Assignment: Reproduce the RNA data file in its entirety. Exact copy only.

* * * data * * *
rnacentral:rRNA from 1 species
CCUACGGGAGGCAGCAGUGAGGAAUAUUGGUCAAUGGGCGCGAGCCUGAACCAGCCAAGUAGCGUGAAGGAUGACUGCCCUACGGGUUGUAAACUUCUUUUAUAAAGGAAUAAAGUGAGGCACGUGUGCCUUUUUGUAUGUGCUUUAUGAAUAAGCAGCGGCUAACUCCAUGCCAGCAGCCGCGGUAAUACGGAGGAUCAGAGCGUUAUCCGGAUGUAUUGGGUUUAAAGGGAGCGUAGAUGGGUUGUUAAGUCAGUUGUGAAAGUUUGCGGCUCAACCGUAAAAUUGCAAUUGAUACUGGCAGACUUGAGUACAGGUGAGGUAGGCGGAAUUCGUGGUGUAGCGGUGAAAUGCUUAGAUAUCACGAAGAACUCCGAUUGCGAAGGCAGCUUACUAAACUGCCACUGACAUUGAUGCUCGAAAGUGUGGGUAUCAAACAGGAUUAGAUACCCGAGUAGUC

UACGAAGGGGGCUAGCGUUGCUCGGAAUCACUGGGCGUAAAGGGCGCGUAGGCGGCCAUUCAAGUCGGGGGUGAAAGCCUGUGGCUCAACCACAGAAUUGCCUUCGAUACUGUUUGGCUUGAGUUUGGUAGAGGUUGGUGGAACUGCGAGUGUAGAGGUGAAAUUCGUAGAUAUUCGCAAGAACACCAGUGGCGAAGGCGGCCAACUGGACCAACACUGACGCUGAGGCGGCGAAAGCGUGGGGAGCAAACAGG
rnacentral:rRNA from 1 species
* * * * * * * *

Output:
rnacentral:rRNA from 1 species
CCUACGGGAGGCAGCAGUGAGGAAUAUUGGUCAAUGGGCGCGAGCCUGAACCAGCCAAGUAGCGUGAAGGAUGACUGCCCUACGGGUUGUAAACUUCUUUUAUAAAGGAAUAAAGUGAGGCACGUGUGCCUUUUUGUAUGUGCUUUAUGAAUAAGCAGCGGCUAACUCCAUGCCAGCAGCCGCGGUAAUACGGAGGAUCAGAGCGUUAUCCGGAUGUAUUGGGUUUAAAGGGAGCGUAGAUGGGUUGUUAAGUCAGUUGUGAAAGUUUGCGGCUCAACCGUAAAAUUGCAAUUGAUACUGGCAGACUUGAGUACAGGUGAGGUAGGCGGAAUUCGUGGUGUAGCGGUGAAAUGCUUAGAUAUCACGAAGAACUCCGAUUGCGAAGGCAGCUUACUAAACUGCCACUGACAUUGAUGCUCGAAAGUGUGGGUAUCAAACAGGAUUAGAUACCCGAGUAGUC

UACGAAGGGGGCUAGCGUUGCUCGGAAUCACUGGGCGUAAAGGGCGCGUAGGCGGCCAUUCAAGUCGGGGGUGAAAGCCUGUGGCUCAACCACAGAAUUGCCUUCGAUACUGUUUGGCUUGAGUUUGGUAGAGGUUGGUGGAACUGCGAGUGUAGAGGUGAAAUUCGUAGAUAUUCGCAAGAACACCAGUGGCGAAGGCGGCCAACUGGACCAACACUGACGCUGAGGCGGCGAAAGCGUGGGGAGCAAACAGG
rnacentral:rRNA from 1 species